Harris had pledged to ride one mile for every $5 donated to the Biology Club by Friday, Sept. 18. With $710 in donations, his mission on Sept. 19 was to ride 142 miles. He did that, plus two bonus miles.
Harris’ route took him from the WCU campus to Balsam, and north on the Blue Ridge Parkway. He finished the ride in the Linville Falls area.
The Mainstage theater season of Western Carolina University’s School of Stage and Screen opens Thursday, Oct. 1, with the college campus premiere of the new high-energy musical comedy-mystery “Pop! Who Shot Andy Warhol?”
Performances are scheduled at WCU’s Hoey Auditorium at 7:30 p.m. Oct. 1 through Saturday, Oct. 3, with a special 3 p.m. matinee on Oct. 3.
With book and lyrics by Maggie-Kate Coleman and music by Anna K. Jacobs, “Pop!” takes the audience back to June 3, 1968, when pop artist and cultural icon Andy Warhol was shot in his Manhattan studio, a place known as the “Silver Factory.” The musical explores Warhol’s relationships with his posse of “Superstars” – historical figures such as socialite Edie Sedgwick and ultra-feminist Valerie Solanas.
The actors portray Warhol’s Superstars, as well as a host of other roles ranging from life-sized dolls to expressionist painters. Every character in the production is a suspect in the shooting – even Warhol. The show’s popular music and outrageous lyrics are punctuated by the sound of a gun.
Michael Gallagher, a senior acting major from Morrisville, will portray Warhol. Other cast members, all musical theatre majors, are Alex Drost, a senior from Blairsville, Georgia, as Candy Darling; Kylee Verhoff, a junior from Jacksonville, as Edie Sedgwick; Samantha Alicandri, a senior from Weehawken, New Jersey, as Viva; Iliana Garcia, a junior from Newnan, Georgia, as Valerie Solanas; Logan Marks, a junior from Mansfield, Massachusetts, as Gerard Malanga; and Benjamin Sears, a sophomore from Waynesville, as Ondine.
“Pop!” is directed by Claire Eye, and music director is Katya Stanislavskaya. Others contributing to the production are John Scacchetti, choreography; Dustin Whitehead, fight choreography; Andrew Mannion, set design; and Susan Brown-Strauss, costume design.
The show includes adult language and content and is not suitable for young audiences.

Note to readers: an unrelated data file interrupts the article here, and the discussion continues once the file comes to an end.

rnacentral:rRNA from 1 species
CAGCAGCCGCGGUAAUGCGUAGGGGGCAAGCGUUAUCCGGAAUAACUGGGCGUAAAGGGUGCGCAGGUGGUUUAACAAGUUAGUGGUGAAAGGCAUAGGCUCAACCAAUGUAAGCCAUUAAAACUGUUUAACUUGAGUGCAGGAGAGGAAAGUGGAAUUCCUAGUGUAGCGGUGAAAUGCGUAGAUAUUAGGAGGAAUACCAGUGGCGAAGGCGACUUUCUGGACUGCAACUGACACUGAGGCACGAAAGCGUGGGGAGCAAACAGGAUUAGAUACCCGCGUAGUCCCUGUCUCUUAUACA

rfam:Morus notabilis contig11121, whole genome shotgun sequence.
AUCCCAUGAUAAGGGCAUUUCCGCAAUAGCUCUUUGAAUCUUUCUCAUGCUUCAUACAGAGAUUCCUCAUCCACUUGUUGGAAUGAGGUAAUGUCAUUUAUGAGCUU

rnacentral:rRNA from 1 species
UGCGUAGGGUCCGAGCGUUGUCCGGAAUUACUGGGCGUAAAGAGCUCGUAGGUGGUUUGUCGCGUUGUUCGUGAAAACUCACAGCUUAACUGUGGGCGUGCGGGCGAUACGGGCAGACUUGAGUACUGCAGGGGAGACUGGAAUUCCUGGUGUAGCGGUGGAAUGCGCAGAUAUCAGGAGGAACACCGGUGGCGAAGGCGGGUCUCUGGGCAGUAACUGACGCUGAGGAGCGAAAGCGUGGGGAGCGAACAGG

Tickets are $21 for adults; $16 for senior citizens and WCU faculty and staff; and $10 on the day of the show ($7 in advance) for students. Tickets are available by contacting the box office of the John W. Bardo Fine and Performing Arts Center at 828-227-2479 or online at bardoartscenter.wcu.edu.
By Randall Holcombe
Local paddlers gathered on the banks of the Tuckaseigee River on the back side of the Western Carolina University campus Saturday, Sept. 12, to compete at the sixth annual Old Cullowhee Canoe Slalom.
Proceeds from the race will benefit the Parks and Recreation Management Club and the PRM Scholarship Fund. With 90 individual race registrations, this year’s slalom was the biggest one so far, said Maurice Phipps, WCU professor of parks and recreation management.
“Thanks go out to the parks and recreation management majors for organizing the event with WCU’s Base Camp Cullowhee,” Phipps said. “We also want to thank John Prentice and Sam Hopkins for the use of their land and WCU’s Center for Service Learning for their volunteers, plus everyone else who volunteered with course erection, planning, judging, timekeeping and number-crunching, enabling everyone to have a great time.”
The event was held at the site of a proposed river park. A party was held after the race at Tucks Tap and Grille with a fundraiser for the park organized by the Cullowhee Revitalization Endeavor organization.
The family-friendly paddling competition was held on a calm section of the river. Nine gates were set up for paddlers to compete for the best times. Paddlers with winning times are:
Open touring canoe: First, Todd and Griffin Murdock; second, J.P. Gannon and Trip Krenz; third, Joshua Gross and Lucind Ramsey.
Parents/kids: First, Andrew, Kirsten, Lilyanne and Anika Bobilya; second, Mike and Angus Despeaux; third, Justin, Ellie and Alexander Padgett.
Men’s single racing kayak: First, Erick Bartl; second, Mark Singleton; third, Mike Despeaux.